by Edward J. Watts, author of The Final Pagan Generation: Rome’s Unexpected Path to Christianity
In 392 AD, a Christian mob destroyed the Alexandrian temple of Serapis, the biggest and most impressive temple in the eastern Mediterranean. The six-hundred-year-old Serapeum complex had stood on the Egyptian city’s highest hill and housed, among other things, a library containing books that remained from Alexandria’s Great Library. When it fell, many Christians around the Roman Empire rejoiced at what they believed to be the capstone of Rome’s dramatic transformation into a Christian empire.
For nearly 1700 years, the story of Christianity’s triumph has dominated historians’ account of the fourth century. The tale begins with the Great Persecution of Christians in the century’s first decade before shifting dramatically when the emperor Constantine converted to Christianity in 312. It then winds through half a century of steady Christian growth under Constantine and his sons, takes another turn during the short reign of the pagan emperor Julian, and then resumes again in earnest as the emperors of the 380s and 390s institute ever tighter restrictions on traditional Roman religion. The toppling of Serapis’s temple then evocatively concludes a process of revolutionary religious change that unfolded across a single lifetime.
This is not the story that people born in the 310s would have expected us to tell about the decades during which they lived. The letters, speeches, and poems these men wrote show them to be consumed with their own careers, reputations, and fortunes. Great orations, witty repartee, and friendships with powerful people were the goals they pursued and the sorts of triumphs they celebrated. They were not ignorant that Christianity was growing more powerful and paganism was coming under threat, but they had no desire to risk their reputations by speaking out against a Christian emperor.
Why bother? The gods had been a fixture in Mediterranean life for millennia. Temples filled the cities, towns, and countryside. Alexandria alone had over 2000. Religious processions filled the streets of the capital nearly every other day of the year. And the smells of incense and sacrifices offerings wafted through the streets all day.
This made it easy for pagans born in the 310s to focus on their careers, their families, and the daily victories and setbacks that make up a life. In the meantime, Christianity advanced and traditional religion declined. It was not until they reached old age that these men, Rome’s final pagan generation, realized that their priorities had been misplaced. Their focus on the mundane had allowed Christianity to triumph.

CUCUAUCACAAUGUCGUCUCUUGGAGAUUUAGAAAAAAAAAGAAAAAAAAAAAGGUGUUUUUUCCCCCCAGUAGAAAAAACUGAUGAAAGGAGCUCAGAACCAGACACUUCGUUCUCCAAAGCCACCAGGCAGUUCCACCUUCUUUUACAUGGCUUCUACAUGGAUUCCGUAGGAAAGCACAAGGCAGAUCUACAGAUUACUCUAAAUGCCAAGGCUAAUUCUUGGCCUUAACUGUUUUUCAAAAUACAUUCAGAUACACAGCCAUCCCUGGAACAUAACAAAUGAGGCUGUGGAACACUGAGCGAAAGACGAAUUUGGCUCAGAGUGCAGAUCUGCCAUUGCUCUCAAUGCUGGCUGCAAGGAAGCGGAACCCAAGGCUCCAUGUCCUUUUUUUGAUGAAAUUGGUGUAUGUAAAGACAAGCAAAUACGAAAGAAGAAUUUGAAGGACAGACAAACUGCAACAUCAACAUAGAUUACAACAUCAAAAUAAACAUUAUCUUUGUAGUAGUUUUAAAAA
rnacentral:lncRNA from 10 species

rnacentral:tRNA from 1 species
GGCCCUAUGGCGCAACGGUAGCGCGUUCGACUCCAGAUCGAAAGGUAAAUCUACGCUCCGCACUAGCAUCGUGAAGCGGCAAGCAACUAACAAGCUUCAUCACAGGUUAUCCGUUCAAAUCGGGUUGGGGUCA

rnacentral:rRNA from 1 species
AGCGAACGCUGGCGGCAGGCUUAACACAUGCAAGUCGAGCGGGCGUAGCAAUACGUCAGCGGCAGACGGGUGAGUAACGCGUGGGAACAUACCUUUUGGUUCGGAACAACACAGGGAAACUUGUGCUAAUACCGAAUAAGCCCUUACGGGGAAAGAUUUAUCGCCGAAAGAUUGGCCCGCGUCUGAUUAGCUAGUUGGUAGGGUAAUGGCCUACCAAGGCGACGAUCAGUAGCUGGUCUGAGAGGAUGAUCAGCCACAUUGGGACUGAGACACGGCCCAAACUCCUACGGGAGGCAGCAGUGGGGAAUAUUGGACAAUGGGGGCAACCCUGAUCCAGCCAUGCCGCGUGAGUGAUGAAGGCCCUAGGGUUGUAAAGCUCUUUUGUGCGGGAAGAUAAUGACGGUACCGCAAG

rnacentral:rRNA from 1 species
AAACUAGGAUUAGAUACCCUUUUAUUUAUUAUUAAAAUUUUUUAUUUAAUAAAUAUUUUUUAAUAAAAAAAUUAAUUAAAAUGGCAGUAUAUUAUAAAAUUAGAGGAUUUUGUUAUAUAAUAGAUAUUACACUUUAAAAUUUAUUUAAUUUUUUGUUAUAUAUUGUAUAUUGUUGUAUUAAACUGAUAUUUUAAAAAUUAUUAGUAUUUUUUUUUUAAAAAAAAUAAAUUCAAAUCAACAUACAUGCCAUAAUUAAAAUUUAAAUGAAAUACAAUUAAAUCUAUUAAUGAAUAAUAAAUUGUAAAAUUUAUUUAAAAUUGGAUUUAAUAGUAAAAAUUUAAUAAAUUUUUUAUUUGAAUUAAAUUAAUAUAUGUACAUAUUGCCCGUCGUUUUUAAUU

The smoky, orange skies and unbreathable air now hovering over the cities on the American west coast seem as if they may be to my generation, Generation X, what the Serapeum destruction was to Rome’s final pagan generation. It is rapidly becoming clear that Gen Xers have spent our lives focused on the wrong things. We monetized the Internet, created apps that make pet food delivery easier, and invented social media platforms that allow us to show off to our “friends.” But these are not the stories that future historians will tell about us. If they speak about us at all, they will indict us for failing to respond while our world heated up and our countryside burned. And we deserve it. While we complain frequently about inaction on climate change, this issue would probably appear in our Zoom transcripts, email exchanges, and social media posts about as often as the letters of the final pagan generation spoke about the end of traditional religion. Like them, we know the change is happening. We know we will not like the results. But other things are on our minds.
It is tempting to blame Rome’s final pagan generation for not doing enough to save the way of life they valued. This criticism is valid, but it is also unfair. Theirs was as much a failure of imagination as it was a failure of will. After millennia during which the Mediterranean was dominated by gods like Zeus, Isis, and Serapis, these men could not imagine any other type of world existing. They knew intellectually that imperial policies supporting Christianity could adversely affect traditional religion, but they had no capacity to visualize such a world until it actually emerged. So, for much of their lives, they did not fight against it very hard.
The same can also be said for us. We know our climate is changing. We know that California is burning. But we struggle to envision the world that will result from our inaction. We too are not fighting very hard. If we don’t start doing more, we will be remembered as the generation that squandered the planet’s last chance to prevent climate catastrophe. And the consequences will be far more dire than the destruction of an Egyptian temple.